The second reason that the patterns project interested us had to do with the Masulipatnam block-makers. They are part of a cultural milieu that has existed for over 400 years, and it seemed to us that the patterns they create embody a rich history. For one, the patterns are not specific to their part of the coast, nor are they only influenced by art forms from Southern India. Since they created textile blocks for a global textile trade, they had incorporated into their art motifs and patterns from North-west India, West Asia, South-east Asia, and Europe. This hybridity, we thought, would be an enabling context for contemporary artists/designers—they could draw from the past, but also add their own to a complex lineage.

Blocks made by hand in Masulipatnam

In order to get the project going, along with Goethe Institut and Dakshinachitra, we organised a week-long workshop, in which we discussed various aspects of textile art, the patterns that feature in them, and the ways in which these were appropriated for commercial use and exploitation during the colonial times. For many of us, the important question was: how might we draw on a tradition, which is not static, but yet distinctive, without appropriating its content and influence?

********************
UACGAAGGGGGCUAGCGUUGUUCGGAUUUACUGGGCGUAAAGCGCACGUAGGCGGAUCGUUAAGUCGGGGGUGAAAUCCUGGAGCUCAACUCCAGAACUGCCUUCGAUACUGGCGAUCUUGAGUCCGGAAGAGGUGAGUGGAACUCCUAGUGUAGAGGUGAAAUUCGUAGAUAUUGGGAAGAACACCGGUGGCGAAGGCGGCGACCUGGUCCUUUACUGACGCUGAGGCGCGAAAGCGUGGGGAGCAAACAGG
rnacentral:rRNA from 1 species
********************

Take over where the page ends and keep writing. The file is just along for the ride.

Conversations and demonstrations during the workshop

The artists/designers who participated in this project were as keen as we were in addressing this dilemma, through the means available to them. The two Indian participants, Aditi Jain and Ruchi Shah were not unfamiliar with textile art. Aditi had worked with weavers’ groups in Tamil Nadu, and Ruchi, being a design student, knew of Indian textile patterns and motifs. For Verena Gerlach and Henning Wagenbreth from Germany, this was new ground, in that they did not know the details of Indian textile history and the aesthetics that had shaped it. But Verena, a graphic designer who focuses on typography, and Henning, an illustrator inspired by popular art and craft, know of, and have deployed formal and decorative elements in their design and art. 

Eventually the four artists/designers responded, not only to what they had heard and seen. but also to what they could touch, feel and work with. They had the opportunity to examine and test-print traditional patterns on paper, using wooden textile blocks from Masulipatnam. This ‘play’ with motifs and patterns proved useful. They experimented with repetition, and the logic that informed the orientation of patterns in any given instance. They were excited by the interplay of patterns as well, and by the relationship between spaces that separated one motif from the next.

It’s all in the doing: test-prints with the Masulipatnam blocks.